CPU Fan Comparison


I have always been interested in getting the most bang for my buck. When I'm at the store I always buy a 2-liter of Mountain Dew and a cup of ice instead of paying $1.09 for a 20 ounce. In computers, this means I will usually buy a speed grade or two beneath the fastest and then overclock it. This strategy with CPU usually saves me several hundred dollars. I am not sure whether I do this because I am cheap, or just poor. If I ever strike it rich I'll let you know.

I also want the most bang for my buck with CPU fans. I want it to blow like a hurricane force gale, and yet be as quiet as a whisper. So I scrounged up four fans. Two I had laying around, two were provided by our friends at Crazy PC, and I decided to find out in fact, just how much better the noisy fans performed than the quieter ones. If I am going to put up with all that noise I want to know exactly how much extra cooling performance I am buying with using a noisy fan.

Specifications:

Smartfan Fan     Sanyo Denki Fan

Table

Delta 80mm Fan     Tornado Fan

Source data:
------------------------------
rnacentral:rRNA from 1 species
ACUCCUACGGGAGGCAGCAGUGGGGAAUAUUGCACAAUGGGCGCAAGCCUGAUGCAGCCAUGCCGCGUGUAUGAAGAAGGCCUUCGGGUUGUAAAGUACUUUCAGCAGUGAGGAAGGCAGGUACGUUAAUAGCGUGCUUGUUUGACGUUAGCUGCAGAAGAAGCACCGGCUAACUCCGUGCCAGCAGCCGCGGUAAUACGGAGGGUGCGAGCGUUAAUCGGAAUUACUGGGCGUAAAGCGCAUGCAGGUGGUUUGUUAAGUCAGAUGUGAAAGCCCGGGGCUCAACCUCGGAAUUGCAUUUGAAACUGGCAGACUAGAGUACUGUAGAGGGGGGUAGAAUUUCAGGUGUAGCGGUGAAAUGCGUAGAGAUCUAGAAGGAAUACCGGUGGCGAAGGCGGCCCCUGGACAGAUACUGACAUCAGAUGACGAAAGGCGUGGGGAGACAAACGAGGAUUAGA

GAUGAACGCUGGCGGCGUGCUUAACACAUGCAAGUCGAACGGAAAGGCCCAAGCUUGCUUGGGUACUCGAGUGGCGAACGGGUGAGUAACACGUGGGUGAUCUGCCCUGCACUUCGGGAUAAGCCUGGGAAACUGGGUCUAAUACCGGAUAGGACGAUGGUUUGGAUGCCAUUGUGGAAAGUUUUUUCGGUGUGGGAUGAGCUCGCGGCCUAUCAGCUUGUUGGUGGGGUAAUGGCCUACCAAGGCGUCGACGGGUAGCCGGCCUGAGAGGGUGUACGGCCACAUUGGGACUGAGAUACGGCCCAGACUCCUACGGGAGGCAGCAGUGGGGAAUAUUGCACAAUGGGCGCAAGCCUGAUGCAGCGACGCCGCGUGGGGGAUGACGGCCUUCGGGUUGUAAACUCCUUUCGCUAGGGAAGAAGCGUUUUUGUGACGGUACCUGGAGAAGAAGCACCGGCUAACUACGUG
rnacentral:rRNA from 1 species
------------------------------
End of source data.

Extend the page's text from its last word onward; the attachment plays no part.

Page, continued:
Table

Since this is meant as a short fan noise/temp comparison, and not a product review, now that we have the specs out of the way, let's get to the dBA/performance graph.

Graph

Once again I would like to thank Crazy PC for their generosity to this site.

Conclusion:

After looking at the numbers my personal choice for CPU fan would be the Thermaltake Smart Fan 2. Lets be clear if the Tornado had performed 10C better than the competition, or if my computer was only used for gaming the Tornado would then be a no-brainer. That's not the situation though. My main PC is run 24/7 and is located ten feet or so from my bed. A 3C CPU temperature reduction does not for me justify the 9dBA of additional noise that it brings. In your personal situation though it just might.

Update:

12-05-02 Several readers have brought to my attention a fairly obvious oversight I made here with not mentioning what type of HSF I was using. As different types of HSF have different cooling characteristics. The HSF used for all these tests was the Thermalright SLK-800.



Jim Adkins





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